Originally written on isportsweb.com  |  Last updated 2/20/13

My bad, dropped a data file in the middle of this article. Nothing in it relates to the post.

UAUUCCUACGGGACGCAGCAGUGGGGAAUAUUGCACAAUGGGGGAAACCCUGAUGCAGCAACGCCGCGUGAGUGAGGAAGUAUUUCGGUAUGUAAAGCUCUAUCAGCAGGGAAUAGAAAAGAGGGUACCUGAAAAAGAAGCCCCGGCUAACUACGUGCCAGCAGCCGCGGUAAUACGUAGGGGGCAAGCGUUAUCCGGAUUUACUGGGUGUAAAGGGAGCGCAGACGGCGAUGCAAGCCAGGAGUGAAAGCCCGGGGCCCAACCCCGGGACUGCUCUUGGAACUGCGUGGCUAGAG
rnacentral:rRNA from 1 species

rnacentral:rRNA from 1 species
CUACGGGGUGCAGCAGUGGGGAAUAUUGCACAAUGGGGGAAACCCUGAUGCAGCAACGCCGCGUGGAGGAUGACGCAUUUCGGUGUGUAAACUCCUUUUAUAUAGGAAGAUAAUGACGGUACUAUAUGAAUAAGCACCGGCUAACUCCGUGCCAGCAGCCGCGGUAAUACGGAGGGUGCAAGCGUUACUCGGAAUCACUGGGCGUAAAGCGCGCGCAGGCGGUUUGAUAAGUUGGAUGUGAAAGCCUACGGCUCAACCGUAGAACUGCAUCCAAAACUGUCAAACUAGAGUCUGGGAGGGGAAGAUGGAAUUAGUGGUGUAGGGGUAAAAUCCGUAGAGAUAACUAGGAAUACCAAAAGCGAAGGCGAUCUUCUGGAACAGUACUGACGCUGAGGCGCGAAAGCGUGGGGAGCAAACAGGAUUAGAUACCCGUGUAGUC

The Houston Astros knew that 2012 would be a rebuilding season, but, even knowing that, it was a disappointing season for Astros fans.  The team changed managers mid-season firing Brad Mills and bringing in Tony DeFrancesco on their way to a last place 55-107 finish, 42 games behind the division winning Cincinnati Reds.  With a loss on the final day of the season, the Astros finished with the worst record in franchise history passing the 2011 team which finished 56-106. Over the last two seasons, the Astros have traded away their veterans moving Hunter Pence, Michael Bourn, Wendy Rodriguez, and Carlos Lee.  The youth movement got their feet wet in 2012 and will need to produce even more for a better 2013.  The Astros were led in batting average by Jose Altuve, who batted .290 upping his career average in a season and a half to .286.  The new ace of the staff with the trade of Rodriguez became Bud Norris.  Despite a losing record (7-13), Norris did finish with 165 SO in 168.1 IP. The Astros didn’t just sit on their hands as they become the first team since the Milwaukee Brewers to switch leagues, going from the N.L. Central to the A.L. West.  They hired a new manager, Bo Porter, who had been a finalist for previous managerial positions with the Marlins and Pirates.  The Astros traded Jed Lowrie to Oakland picking up power-hitting 1B Chris Carter (16 HR in 67 games for Oakland last season).  They signed reliever RP Jose Veras from Milwaukee, SP Phillip Humber from the White Sox, and Carlos Pena from Tampa Bay.  Houston also added some experience signing Rick Ankiel and Erik Bedard to minor-league deals with a chance to make the squad in Spring Training. 3 Up                                                                      Best Case Scenario for 2012 The Houston Astros haven’t had a winning record since 2008, including back-to-back 100 loss seasons.  The best case scenario for 2013 has to be a return to close to .500, if not reaching that mark.  The Astros will have their work cut for them going into the ultra-competitive A.L. West where three teams won 89 or more games.  However, if the youth continues to improve, and the Astros get some pop from the added bats of Carter and Pena, then they can be closer to .500 than to 100 losses. Jose Altuve had a breakout season in 2012, and he will need to continue for the Astros to have a more productive 2013. Most Important Astros Carlos Pena was a huge acquisition for the Astros, and they will need his bat to power the offense.  He is very familiar with the American League, having played 11 of his 12 seasons in the A.L.  The Astros probably aren’t going to get the Pena who smashed 46 HRs in 2007, but he has hit 28 or more HRs in five of his last six seasons.  If the top of the order can get on, then Pena can knock them in. The rotations in the AL West are very strong.  To compete, the Astros will need a strong sophomore season from Lucas Harrell.  Slated as the No. 2 pitcher going into Spring Training, Harrell had a strong first season as a starting pitcher.  He went 11-11, no small feat for a team that was 56-106.  In 193.2 IP, he struck out 140 batters and posted an ERA of 3.76. Potential Breakout Players Tyler Greene is going into Spring Training with a chance to win the starting SS role after the Astros traded Jed Lowrie to Oakland.  The former Cardinal showed some pop coming over to Houston, hitting seven HRs in 39 games.  In his first season in appearing over 100 gamers, Greene did hit 11 HRs in between the Cardinals and Astros.  Jose Veras, a power relief pitcher signed as a free agent, has a chance to be the closer for the first time in his career.  In seven MLB seasons, Veras has 5 career saves.  But Veras has shown the power in his arm, striking out more batters than IP in each of his last three seasons including 79 SOs in 67 IP last season with the Brewers. 3 Down Worst Case Scenario The Houston Astros already know about bad, having had back-to-back 100 loss seasons.  There is a thin line between letting youngsters play and not having them live up to their scouted potential.  If the youngsters don’t live up to their potential, the Astros’ schedule looks daunting with an unbalanced schedule against the A.L. West not to mention increased games against the loaded A.L. East.  A third straight 100 loss season would be the worst case scenario in Bo Porter’s first season.    Areas of Concern It has to be the offense, which struggled in the National League last season to bat .236 as a team (14th in the N.L.) and score 583 runs (15th in the N.L.).  With a young pitching staff, the Astros need to score some runs.  They’ve landed potential RBI men in Carter and Pena.  But, the Astros also need to get on base.  The Astros had no .300 hitters, and only one batter (Altuve) who played in over 70 games and batted over .250. Who Needs to Bounce Back From a Down 2012 J.D. Martinez, a possible starter in the OF, watched his average and slugging percentage dip with an increase in playing time in 2012.  He went from .274 in 2011 to .241 in 2012.  The Astros need more of the 2011 version to increase their low run production.  Erik Bedard has the possibility to be the 5th starter for Houston, but he needs to rebound from his 2012.  Bedard ended up being released by the Pirates last season, going 7-14 with a 5.01 ERA in 24 starts.
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